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Trying to regain footing in baby steps

Bush's new attention to domestic concerns may be too little, too late in his presidency.

January 24, 2007|Janet Hook | Times Staff Writer

WASHINGTON — Can this presidency be saved?

That's the question that loomed Tuesday as President Bush gave his State of the Union speech in the most inhospitable climate he has ever faced for his annual address to Congress.

In proposing a short list of initiatives on healthcare, immigration and energy, Bush gave more attention than he has in past speeches to domestic issues. That agenda was potentially more appealing to Democrats -- or at least harder for them to dismiss out of hand -- than his ill-fated plan to overhaul Social Security, which was to be the crown jewel of his second term.

But Bush's plans may be too modest to accomplish the broader challenge facing him: how to rescue the last quarter of his presidency from irrelevance and patch his tattered legacy. Bush is trying to regain his footing while Iraq is littered with carnage, Democrats are calling the shots on Capitol Hill, senior members of his own party are openly questioning his Iraq policy, and a vast majority of the public is disenchanted with his leadership.

For The Record
Los Angeles Times Tuesday January 30, 2007 Home Edition Main News Part A Page 2 National Desk 1 inches; 55 words Type of Material: Correction
State of the Union: In Wednesday's Section A, a news analysis of President Bush's domestic focus said that former Vice President Al Gore had "received an Oscar nomination for his documentary on global warming." Davis Guggenheim, who directed "An Inconvenient Truth," about Gore's warnings on global warming, is named in the nomination for the film.

"This represents the end of the Bush era," said Michael Tanner, a policy analyst for the Cato Institute, a libertarian think tank. "This speech shows that outside Iraq, he is increasingly irrelevant."

In the speech, Bush tried to remain gracious and optimistic about finding common ground with Democrats. "Like many before us, we can work through our differences and achieve big things for the American people," he told the joint session of Congress.

The moment is reminiscent of the position Bill Clinton was in after Republicans won control of Congress in 1994. Clinton seemed so marginalized that he felt obliged to assert at a news conference that he was still relevant.

But Clinton went on to work with the GOP-controlled Congress and rack up notable accomplishments, including a balanced-budget plan, a welfare overhaul, a federal minimum-wage increase and expansion of health insurance coverage.

Burdened by an unpopular war, Bush is not aiming as high on the domestic front. And he is following, more than leading, in a political environment where the agenda is increasingly being set by others: the Democratic leaders in Congress, the nation's governors and the crowd of politicians campaigning for president.

Bush is chiming in on a burgeoning national debate about how to expand health insurance coverage. Republican governors -- Arnold Schwarzenegger of California and Mitt Romney, late of Massachusetts -- have broken the partisan mold and crafted ambitious healthcare plans. Business and labor groups are making odd-bedfellow alliances to promote expanded coverage. Sen. Hillary Rodham Clinton (D-N.Y.), on the first day of her presidential campaign, offered a plan to broaden health coverage.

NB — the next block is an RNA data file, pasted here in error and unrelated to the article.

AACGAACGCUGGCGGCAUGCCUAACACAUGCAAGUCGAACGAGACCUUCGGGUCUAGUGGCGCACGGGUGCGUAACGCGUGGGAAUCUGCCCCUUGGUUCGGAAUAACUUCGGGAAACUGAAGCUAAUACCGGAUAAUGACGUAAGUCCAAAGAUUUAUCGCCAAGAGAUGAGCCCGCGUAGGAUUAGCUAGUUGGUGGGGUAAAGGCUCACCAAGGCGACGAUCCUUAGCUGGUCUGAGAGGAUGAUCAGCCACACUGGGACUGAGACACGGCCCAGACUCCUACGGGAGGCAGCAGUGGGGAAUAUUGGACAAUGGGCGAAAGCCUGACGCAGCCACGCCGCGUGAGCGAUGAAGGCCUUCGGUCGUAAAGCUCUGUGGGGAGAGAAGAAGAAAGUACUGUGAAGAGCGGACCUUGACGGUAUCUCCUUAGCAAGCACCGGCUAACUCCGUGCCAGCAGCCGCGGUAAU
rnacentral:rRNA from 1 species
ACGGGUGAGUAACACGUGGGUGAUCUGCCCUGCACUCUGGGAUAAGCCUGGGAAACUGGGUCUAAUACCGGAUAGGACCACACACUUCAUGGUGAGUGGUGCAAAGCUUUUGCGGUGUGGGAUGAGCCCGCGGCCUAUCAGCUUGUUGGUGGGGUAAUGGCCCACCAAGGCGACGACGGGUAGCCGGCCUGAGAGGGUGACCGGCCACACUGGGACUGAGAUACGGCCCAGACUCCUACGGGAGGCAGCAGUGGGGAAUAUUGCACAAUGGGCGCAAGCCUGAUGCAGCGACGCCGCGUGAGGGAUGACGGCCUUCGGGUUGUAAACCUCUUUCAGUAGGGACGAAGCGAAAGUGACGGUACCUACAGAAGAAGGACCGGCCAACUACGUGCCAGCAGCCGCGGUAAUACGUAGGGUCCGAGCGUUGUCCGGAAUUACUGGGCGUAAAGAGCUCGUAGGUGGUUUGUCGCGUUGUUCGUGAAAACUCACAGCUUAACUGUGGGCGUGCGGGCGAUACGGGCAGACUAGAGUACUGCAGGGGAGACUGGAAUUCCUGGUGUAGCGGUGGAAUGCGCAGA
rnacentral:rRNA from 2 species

Bush's contribution is a proposal that has already been declared dead-on-arrival on Capitol Hill because it could hurt many who are now insured. He is proposing a change in the tax system to cap deductions for employer-provided health insurance and provide new tax breaks for people who buy their own insurance. It is a plan that is in keeping with Bush's aversion to government mandates.

"In all we do, we must remember that the best healthcare decisions are made not by government and insurance companies but by patients and their doctors," he said.

But that tax change would increase the number of people insured by only about 5 million, when nearly 47 million are uninsured. The plan is opposed by labor unions, and many business leaders are not enthusiastic about it. It would face formidable obstacles even if Bush had introduced it at the height of his presidency.

Bush also proposed giving states more leeway to use Medicaid funds to devise their own plans to expand health insurance coverage. But that initiative amounts only to redeploying money, not increasing the federal commitment, and it is unclear how many of the uninsured would be covered.

On energy, Bush seems on the defensive against Democrats who are trying to bring a new sense of urgency to the effort to combat global warming. House Speaker Nancy Pelosi (D-San Francisco) has appointed a special committee to study the issue. Former Vice President Al Gore received an Oscar nomination for his documentary on global warming. Sen. John McCain (R-Ariz.), a leading presidential candidate, is making it a signature issue.

Bush proposed tackling the issue by aiming to cut gasoline consumption by 20% in 10 years, mostly by promoting the use of alternative fuels. But he did not go as far as most Democrats think is needed to reduce global warming.

And Democrats remained skeptical about his commitment. "It's not just about what he says. It's about what he does," Pelosi said. "In the past ... he has talked the talk on climate change. But he hasn't walked the walk."

Two other issues that Bush promoted are old standbys: renewal of his landmark education law, No Child Left Behind, and an overhaul of immigration law that would allow some foreigners to enter the country as temporary workers.

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